World Wildlife Day 2016 - FIWI also engages in wildlife protection

The 3rd of March marks the international World Wildlife Day.  This day, which was officially proclaimed by the UN General Assembly coincides with the day of signature of the Convention on International Trade in Endangered Species of Wild Fauna and Flora (CITES).  This year´s thematic focus is the fight against wildlife-related crime.  The Research Institute of Wildlife Ecology (FIWI) of the University of Veterinary Medicine, Vienna, routinely elaborates new practical concepts for the wildlife conservation and welfare. 

The UN´s World Wildlife Day celebrates the beauty and diversity of wild populations, but it also reminds us of the threats to biodiversity through human actions.  FIWI´s research results from field research, molecular analysis, chemical fine analysis, and even mathematical modeling, are also used for wildlife conservation.  "Research of the needs and behaviour of wildlife in ecological contexts is among our principal tasks," says wildlife expert and Department head Walter Arnold. „Our results contribute to creating a basis for the life of wild animal species in human-dominated landscapes." 

The special focus of World Wildlife Day 2016 on wildlife crime is also relevant for FIWI´s work.  FIWI scientists routinely examine illegally killed wildlife on behalf of authorities, nature conservation and hunting organizations. This pathological diagnosis contributes significantly to solving such cases.

It may also be interesting to note that on 26 February 2016 the European Commission adopted an EU Action Plan to tackle wildlife trafficking within the EU and to strengthen the EU's role in the global fight against these illegal activities. The Action Plan is an ambitious blueprint that mobilises all EU diplomatic, trade and development cooperation tools to crack down on what has become one of the most profitable criminal activities worldwide.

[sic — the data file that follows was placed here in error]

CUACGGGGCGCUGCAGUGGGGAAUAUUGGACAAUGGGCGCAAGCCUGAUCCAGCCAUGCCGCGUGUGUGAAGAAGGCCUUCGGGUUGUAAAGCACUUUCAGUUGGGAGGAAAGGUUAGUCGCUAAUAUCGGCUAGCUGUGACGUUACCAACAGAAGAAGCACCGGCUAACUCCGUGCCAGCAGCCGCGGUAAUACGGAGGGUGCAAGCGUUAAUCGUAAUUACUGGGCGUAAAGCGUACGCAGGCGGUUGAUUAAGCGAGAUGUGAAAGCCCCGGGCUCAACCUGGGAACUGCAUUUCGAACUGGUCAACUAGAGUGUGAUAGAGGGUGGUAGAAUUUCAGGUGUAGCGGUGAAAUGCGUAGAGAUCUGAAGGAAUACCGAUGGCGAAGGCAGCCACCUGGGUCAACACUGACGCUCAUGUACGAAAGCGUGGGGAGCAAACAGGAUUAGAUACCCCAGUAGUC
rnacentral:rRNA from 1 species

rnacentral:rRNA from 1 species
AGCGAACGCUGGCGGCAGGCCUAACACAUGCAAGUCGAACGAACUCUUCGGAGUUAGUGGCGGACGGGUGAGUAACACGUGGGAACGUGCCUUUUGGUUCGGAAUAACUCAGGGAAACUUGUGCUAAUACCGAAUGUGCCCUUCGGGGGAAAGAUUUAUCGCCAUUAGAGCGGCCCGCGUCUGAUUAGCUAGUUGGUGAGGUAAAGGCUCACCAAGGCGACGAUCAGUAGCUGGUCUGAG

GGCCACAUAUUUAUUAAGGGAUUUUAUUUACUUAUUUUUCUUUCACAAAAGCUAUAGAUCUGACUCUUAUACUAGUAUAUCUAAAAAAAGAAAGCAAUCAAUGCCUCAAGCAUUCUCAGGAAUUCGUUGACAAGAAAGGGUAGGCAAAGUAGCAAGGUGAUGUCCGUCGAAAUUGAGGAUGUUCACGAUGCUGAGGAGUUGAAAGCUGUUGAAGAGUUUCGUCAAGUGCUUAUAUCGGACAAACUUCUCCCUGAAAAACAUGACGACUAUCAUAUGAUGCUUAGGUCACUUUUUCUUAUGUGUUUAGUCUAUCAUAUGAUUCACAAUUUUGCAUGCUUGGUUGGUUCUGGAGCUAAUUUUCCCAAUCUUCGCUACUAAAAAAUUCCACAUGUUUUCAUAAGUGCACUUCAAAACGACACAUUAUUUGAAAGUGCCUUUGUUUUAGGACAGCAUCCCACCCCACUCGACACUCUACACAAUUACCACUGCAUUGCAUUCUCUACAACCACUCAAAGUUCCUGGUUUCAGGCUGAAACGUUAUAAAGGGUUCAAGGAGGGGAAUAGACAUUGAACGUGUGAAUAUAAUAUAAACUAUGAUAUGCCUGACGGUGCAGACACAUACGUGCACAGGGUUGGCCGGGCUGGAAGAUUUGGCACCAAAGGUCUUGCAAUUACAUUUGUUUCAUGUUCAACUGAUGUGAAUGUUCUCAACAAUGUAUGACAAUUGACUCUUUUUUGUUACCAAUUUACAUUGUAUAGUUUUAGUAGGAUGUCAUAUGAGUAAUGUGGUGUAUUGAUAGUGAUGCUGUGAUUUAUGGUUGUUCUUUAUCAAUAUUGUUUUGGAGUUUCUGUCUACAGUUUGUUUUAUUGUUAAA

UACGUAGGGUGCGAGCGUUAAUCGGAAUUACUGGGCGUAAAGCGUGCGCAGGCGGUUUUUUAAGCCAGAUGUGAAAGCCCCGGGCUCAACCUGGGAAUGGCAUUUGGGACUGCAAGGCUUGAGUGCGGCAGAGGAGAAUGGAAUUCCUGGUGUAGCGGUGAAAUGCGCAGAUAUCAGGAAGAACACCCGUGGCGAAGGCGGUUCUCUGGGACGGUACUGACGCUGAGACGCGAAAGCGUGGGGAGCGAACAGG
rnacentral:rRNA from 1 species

(Web editor, 3 March 2016)

Checking the health of captive rhinos

White rhinoceroses are an endangered species. Their proper captive management in zoos is therefore of great importance. Annika Posautz, Felix Knauer and Chris Walzer from the Research Institute of Wildlife Ecology at Vetmeduni Vienna investigated, among other things, how the housing conditions of southern white rhinoceroses differed in zoos across Europe and which health problems were most common. Through an online survey to various zoos in Europe they gathered information about the sorts of problems encountered in captive animal management. The survey showed that rhinoceroses are often treated with antibiotics and anti-inflammatory drugs without proper diagnosis. Actual diseases may be overlooked as a result. 

The article „Health and health management of captive white rhinoceroses (Ceratotherium simum): results from an online survey“ by Annika Posautz, Felix Knauer, and Christian Walzer was published in the Journal of Zoo and Aquarium Research.

More info

(Web editor, 25 February 2016)

Claudia Bieber habilitates in animal ecology

The zooligist Dr. Claudia Bieber of the Research Institute of Wildlife Ecology (FIWI) of the University of Veterinary Medicine, Vienna recently habilitated in her special research area, animal ecology.  Within the framework of her habilitation thesis Dr. Bieber researched the influence of fluctuating environmental conditions on the optimal timing of reproduction in wildlife species. 

Bieber specialized early in the field of animal ecology, which researches the relations between animals and their environment.  During her research at the University of Marburg Bieber concentrated on the edible dormouse (Glis glis). At FIWI she broadened the spectrum of her research subjects to common dormice and wild boars.  Her main interest is in the influence of environmental conditions on life history strategies. 

More info (in German)

(Web editor, 18 January 2016)